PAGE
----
Israel’s Ministerial Committee for Legislation has approved a bill to legalize marijuana in the country, media reported on Sunday.
The bill will now be forwarded to the Knesset for three rounds of voting, the first of which is scheduled for Wednesday’s session, The Times of Israel reported.
The bill envisions fully legalizing possession and recreational use of up to 15 grams of marijuana for citizens over 21 years old and decriminalizing possession of up to 50 grams, according to the newspaper.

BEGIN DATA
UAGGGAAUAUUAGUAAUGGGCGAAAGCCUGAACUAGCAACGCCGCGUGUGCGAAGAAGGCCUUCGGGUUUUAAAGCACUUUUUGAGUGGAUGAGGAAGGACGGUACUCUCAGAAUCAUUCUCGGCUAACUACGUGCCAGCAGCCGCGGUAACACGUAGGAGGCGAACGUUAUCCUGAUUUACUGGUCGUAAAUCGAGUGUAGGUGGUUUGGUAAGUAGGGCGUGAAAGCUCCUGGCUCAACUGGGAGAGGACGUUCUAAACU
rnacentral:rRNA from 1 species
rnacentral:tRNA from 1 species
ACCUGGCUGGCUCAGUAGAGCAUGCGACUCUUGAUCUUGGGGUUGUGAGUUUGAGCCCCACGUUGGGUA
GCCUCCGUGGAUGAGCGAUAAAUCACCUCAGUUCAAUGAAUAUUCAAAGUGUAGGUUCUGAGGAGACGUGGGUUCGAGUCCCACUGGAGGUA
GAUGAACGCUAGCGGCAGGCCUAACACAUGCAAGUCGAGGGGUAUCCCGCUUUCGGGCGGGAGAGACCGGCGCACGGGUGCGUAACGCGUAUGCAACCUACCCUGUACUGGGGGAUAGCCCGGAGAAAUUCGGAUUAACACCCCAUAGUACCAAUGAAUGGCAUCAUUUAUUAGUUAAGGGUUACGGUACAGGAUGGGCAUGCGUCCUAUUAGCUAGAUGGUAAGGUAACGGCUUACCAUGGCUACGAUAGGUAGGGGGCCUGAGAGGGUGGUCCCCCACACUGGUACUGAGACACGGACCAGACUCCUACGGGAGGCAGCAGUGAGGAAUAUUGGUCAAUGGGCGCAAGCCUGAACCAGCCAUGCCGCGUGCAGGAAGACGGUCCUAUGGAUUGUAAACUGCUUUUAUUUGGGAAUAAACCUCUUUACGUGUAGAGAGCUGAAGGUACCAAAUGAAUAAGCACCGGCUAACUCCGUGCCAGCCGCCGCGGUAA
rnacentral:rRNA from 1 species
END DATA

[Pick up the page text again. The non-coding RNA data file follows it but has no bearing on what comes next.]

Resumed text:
“For the first in the State of Israel’s history, my legislative move is officially beginning to regulate the cannabis market in Israel,” Lawmaker Sharren Haskel from Prime Minister Benjamin Netanyahu’s Likud party wrote on Facebook.
Haskel co-sponsored the bill with Blue and White Knesset member Ram Shefa, the newspaper reported but saw opposition from ultra-orthodox constituents of the committee.
Earlier in the month, Netanyahu released a joint statement with co-head of government Benny Gantz vowing to push for legalization, as well as easing access of marijuana for medical use and licenses for growers.
Israel has taken strides towards larger acceptance of marijuana, decriminalizing it in most instances in 2017, promoting research and licensing several dispensaries in the country.